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amardeep

Arabian Nights And Charitropakhyaan

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Has anyone heard about the 1001 arabian nights? The setting, the themes of the stories etc. all are very similiar to that of the Charitro Pakhyaan.

Is it possible that Maharaj was trying to collect the stories around him and compose a new "arabian nights" composition?

Watch this short documentary in 8 parts:

http://www.youtube.com/watch?v=DhnISVeztpY

The similarities are stunning. I wonder why no one has ever made this comparison earlier.

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Only some parts are similar, but when morality is concerned, there are bound to be similarities.

You find the link on facebook?

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The 'overview' angle used in both are curious. Seems to suggest it wasn't an unusual literary form around those times.

I'm referring to how the multiple tales are interwoven with a larger narrative, in the case of CP it being the efforts of the minister to prevent his king killing his son over the adulterous allegations.

I wonder if Rhinehart picks up on this in her book?

Edited by dalsingh101

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I think an important difference may be that certain tales in the Arabian nights seem to be continuations of previous ones, whilst all of the CP ones' seem to be standalone or independent?

One can see a list of tales from AN here: http://www.bartleby.com/16/

Plus, the CP seems to be mainly focused on sexual morality/ethics, which I don't think is true of AN?

Edited by dalsingh101

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OK here goes...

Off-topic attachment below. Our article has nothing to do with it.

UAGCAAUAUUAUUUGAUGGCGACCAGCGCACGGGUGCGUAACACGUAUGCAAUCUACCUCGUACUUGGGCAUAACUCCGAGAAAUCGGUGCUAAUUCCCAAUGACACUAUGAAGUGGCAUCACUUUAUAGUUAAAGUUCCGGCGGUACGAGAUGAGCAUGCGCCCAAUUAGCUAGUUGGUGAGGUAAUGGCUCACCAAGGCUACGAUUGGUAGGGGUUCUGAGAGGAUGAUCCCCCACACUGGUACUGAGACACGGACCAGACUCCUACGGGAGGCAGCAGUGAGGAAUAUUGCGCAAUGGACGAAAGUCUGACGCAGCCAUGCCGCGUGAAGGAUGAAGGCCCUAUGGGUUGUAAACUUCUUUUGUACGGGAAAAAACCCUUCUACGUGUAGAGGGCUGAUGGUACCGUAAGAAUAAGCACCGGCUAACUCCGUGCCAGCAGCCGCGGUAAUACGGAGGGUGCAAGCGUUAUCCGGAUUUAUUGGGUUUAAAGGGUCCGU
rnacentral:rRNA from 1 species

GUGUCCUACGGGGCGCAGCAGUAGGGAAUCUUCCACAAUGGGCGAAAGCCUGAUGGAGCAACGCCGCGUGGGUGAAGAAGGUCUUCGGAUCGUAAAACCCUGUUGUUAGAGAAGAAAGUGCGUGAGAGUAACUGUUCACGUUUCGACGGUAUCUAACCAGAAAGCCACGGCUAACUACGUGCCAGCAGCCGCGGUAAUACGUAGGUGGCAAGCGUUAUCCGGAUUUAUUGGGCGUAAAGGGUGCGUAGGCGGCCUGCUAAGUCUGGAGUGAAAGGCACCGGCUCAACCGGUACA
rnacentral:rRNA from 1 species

I had thought that these stories were originally from Arabia and such but interestingly for me, the books say that they originally came from India way. Also the structure of the book was a first in itself. Using a framework to bind together many different folk tales from around the world into one tale.

The framework story is one of adultery by a King's wife by which he responds to executing all future wives the next day so as not to suffer the humiliation of being cheated on. The one wife who tells the stories over a period of years is the one who planbs to stop his madness by offering herself to be a potential victim. She tells these stories to keep the King's interest piqued and over the time the stories are completed she has given birth to 3 of his children. When she completes the stories she then supplicates before the King that it is not wise or befitting of a King to execute the mother of young children especially as one is still suckling (which i think is against their religion-i'm not sure though) and the King relents.  He rescinds his order that his wife must be executed.

 

One of the things I did notice about these stories were that the good guys were always Muslims, the bad guys were jinns, jews or Christians. That's not in every story though. The stories cover all sorts of human frailties like adultery, dishonesty, greed and power etc. Having said that I personally found the stories quite boring. But that is because I read them as complete stories. There were cliffhangers in the stories and you could see why the King would want to know what happened next. The stories in themselves are of a recurring theme (like the Charitars) some of the stories I have read as a youngster but never knew they came from 1001 stories ie Sinbad the sailor, the genie and the lamp, Alaadin.

 

Similarities I found between 1001 nights and Sri CharitroPakhyan Granth :

 

1. using the qualities of the moon to describe the beauty of women

2. the characters involved and the setting : in a King'a court, involving a King and Queen, with a wise Minister who taught his daughter how to nullify the King's order.

3. there were names of existing cities and places such as Baghdad, China, India, and historical Caliphs names were used to give it an air of reality.

4. There is a framework story that allows for the inclusion of many different stories and events.